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Roses and The Tall Poppy Syndrome(TPS)

Doug Garland
Doug Garland
3 min read
Roses and The Tall Poppy 
Photograph by the author.

Table of Contents

A Rose is a rose is a rose
~ Gertrude Stein

Stein used the sentence in a poem (1913) but later modified it which some interpreted as "it is what it is." This could be construed as the law of identity. But she had other ideas as did many after the Romantic period. She knew that using the name of a thing invokes imagery and associated emotions. She believed you imagined a "red" rose when you read that line in her poem just as the picture of the rose above signifies love and/or death or both.

Roses are arguably the most common and popular flower in the world. Is it any wonder they would eventually be named in the TPS metaphor? I wonder what took so long? Herodotus' Histories  (430 BC) used wheat in the original description of the TPS metaphor. Livy's History of Rome (29-27 BC) followed using poppies (see Last But Not Least! Politics and The Tall Poppy Syndrome). A mere thousand years passed before roses were used in the metaphor.  

                                                Ramiro II of Aragon

Ramiro II (1086-1157) was the youngest son of Sancho Ramirez, king of Navarre and Aragon. His father placed him in the Benedictine monastery of Saint-Pons-de- Thomières in the Viscounty of Béziers as a child. He became a monk and was elected abbot of the Castillian royal monastery of Santos Fecundo y Primitivo in Sahagún. Later, he assumed a similar post at the monastery of San Pedro el Viejo at Huesca.

The Kingdom passed to Ramiro's older brother, Peter I. When he died, Alfonso the Battler, the King's second son, assumed the crown. Alfonso desired to limit his younger brother's influence within the kingdom (familial envy). He blocked Ramiro's election to become bishop of Burgos and Pamplona but failed to prevent his election at Borbastro-Roda.

The childless Alfonso the Battler suddenly died. Ramiro's recent election made him a candidate for succession to the crown. Through a compromise, the Kingdom was split and Ramiro became King of Aragon (1134). He suspended his monastic vows and married so that an heir could be procreated.

His early reign was turbulent. The nobles thought he would be compliant and bend to their desires. He was just the opposite - obstinate. At least he understood that he was in over his head.

Bell of Huesca (Chronicle of San Juan de la Peña)

Ramiro's elder brothers defeated the city of Huesca and brought their populace under their control. Their nobles continued to test Ramiro's strength and resolve. Ramiro sent a courier to the Abbey of Saint-Pons-de-Thomières for counsel from his former master. The courier was taken to the abbey garden where the master lopped off the heads of the tallest roses. The courier returned to Ramiro and detailed what he had witnessed.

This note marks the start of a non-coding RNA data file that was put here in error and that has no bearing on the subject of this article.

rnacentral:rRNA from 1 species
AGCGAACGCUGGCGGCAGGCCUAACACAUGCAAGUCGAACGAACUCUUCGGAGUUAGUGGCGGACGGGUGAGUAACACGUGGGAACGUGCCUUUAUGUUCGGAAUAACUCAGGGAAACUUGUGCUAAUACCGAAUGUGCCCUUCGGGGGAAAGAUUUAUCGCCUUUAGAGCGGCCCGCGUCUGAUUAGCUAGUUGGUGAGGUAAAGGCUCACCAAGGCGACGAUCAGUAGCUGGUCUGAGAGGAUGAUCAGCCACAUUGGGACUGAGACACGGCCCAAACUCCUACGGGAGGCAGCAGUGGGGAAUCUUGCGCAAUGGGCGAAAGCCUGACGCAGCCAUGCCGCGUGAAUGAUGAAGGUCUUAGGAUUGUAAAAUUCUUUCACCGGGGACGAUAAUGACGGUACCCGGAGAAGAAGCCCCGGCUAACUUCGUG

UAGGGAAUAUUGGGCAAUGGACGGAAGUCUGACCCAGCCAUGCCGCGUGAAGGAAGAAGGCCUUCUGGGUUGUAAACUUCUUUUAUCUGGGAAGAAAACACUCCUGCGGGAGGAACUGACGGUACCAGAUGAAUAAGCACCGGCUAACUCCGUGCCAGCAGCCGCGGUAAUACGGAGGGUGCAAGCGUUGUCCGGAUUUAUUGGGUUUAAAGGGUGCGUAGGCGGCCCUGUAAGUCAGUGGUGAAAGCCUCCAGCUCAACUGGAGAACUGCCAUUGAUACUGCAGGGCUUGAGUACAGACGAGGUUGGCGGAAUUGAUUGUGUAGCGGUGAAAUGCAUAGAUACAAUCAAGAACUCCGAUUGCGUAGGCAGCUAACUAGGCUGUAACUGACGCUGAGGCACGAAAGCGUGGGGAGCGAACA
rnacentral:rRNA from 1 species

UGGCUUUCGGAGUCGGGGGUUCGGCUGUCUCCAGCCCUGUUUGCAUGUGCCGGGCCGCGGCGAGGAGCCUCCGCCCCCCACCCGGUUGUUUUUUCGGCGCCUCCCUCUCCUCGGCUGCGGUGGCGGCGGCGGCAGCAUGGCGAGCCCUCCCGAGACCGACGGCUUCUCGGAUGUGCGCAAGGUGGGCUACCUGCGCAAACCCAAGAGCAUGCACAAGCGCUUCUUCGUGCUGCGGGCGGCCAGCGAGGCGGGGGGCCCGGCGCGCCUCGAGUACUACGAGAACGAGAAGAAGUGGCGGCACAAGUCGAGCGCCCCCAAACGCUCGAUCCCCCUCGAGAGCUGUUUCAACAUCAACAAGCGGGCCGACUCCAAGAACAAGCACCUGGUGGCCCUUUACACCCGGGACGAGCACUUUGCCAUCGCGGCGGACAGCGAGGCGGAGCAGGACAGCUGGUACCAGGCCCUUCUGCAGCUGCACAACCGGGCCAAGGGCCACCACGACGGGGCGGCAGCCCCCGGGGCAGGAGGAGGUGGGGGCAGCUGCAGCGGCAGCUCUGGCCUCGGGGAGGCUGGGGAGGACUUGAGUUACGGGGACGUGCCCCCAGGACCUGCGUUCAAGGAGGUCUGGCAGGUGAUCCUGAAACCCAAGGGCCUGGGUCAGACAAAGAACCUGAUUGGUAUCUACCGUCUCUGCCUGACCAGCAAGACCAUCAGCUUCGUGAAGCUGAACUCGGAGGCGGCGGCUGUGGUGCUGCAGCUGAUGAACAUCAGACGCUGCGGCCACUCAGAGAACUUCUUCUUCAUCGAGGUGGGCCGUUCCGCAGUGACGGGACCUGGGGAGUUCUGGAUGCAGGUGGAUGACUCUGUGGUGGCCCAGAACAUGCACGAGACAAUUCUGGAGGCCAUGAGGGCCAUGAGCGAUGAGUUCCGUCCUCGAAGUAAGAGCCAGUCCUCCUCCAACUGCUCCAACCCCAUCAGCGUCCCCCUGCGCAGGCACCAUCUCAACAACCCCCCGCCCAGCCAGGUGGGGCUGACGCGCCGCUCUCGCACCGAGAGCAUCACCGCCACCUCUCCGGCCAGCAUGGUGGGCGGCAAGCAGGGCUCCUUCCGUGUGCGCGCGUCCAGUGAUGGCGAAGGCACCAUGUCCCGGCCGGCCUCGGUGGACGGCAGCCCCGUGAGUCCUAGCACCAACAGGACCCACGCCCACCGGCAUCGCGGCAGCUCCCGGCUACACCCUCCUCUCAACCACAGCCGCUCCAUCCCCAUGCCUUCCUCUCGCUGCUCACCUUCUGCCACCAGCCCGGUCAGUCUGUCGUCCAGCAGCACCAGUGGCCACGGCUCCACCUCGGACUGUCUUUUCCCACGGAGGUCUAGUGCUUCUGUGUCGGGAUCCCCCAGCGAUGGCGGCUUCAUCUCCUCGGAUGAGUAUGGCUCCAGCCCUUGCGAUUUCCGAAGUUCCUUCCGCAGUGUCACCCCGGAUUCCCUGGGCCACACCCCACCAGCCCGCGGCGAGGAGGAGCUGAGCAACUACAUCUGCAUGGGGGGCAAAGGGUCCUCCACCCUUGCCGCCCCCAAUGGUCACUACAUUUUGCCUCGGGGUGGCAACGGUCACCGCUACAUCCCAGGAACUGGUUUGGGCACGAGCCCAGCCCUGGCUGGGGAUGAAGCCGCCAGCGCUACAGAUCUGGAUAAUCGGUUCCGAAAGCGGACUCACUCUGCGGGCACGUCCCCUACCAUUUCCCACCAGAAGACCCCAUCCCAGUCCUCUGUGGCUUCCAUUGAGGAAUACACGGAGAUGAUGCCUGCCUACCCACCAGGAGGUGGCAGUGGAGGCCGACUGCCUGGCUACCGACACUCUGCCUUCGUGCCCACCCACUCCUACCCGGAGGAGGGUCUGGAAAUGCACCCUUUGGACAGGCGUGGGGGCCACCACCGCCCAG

Ramiro II sent for his head nobleman and told him that he needed assistance to build a bell that could be heard throughout Aragone. As each of the twelve nobles arrived, he cut off their heads and placed them around the bell. The chief noble's head was used as the bell clapper. The sight was visible for outsiders to view.  

Ramiro II was wise to know he was not a war king and ceded royal authority to his son-in-law in 1137, three years after he became king. He returned to religious life at the Abbey of San Pedro in Huesca but held the title of king until his death.

Points to Ponder

Our website has now documented the original descriptions of TPS: Herodotus' Histories  (430 BC) used wheat in the original description of the TPS metaphor; Livy's History of Rome (29-27 BC) followed using poppies (see Last But Not Least! Politics and The Tall Poppy Syndrome). We now have added roses to the list.

I have also seen corn in Greek translations but I think that its use was lost in translation. "Heads" can mean wheat or corn. While there was a lot of wheat in the 6th - 5th century BC, there was little corn. Heads of corn are located on the stalk, not at the top, and lopping the heads off is difficult.

The metaphor's concept was the same in all three descriptions: neutralize the opposition by lopping off their heads.

"Follow the money" means identifying money transfers and points to political corruption; "follow the envy" leads to cutters in tps.

Gertrude Stein wanted to use the name (rose) to evoke imagery and emotion. I am guilty as charged regarding the same for the poppy.

tall poppy syndromefamilial envyroseHerodotusLivybell of HuescaRamiro II

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Douglas Garland, M.D. practiced orthopedic surgery for 37 years in Southern California. Doug was also a Clinical Professor of Orthopedics at the University of Southern California.


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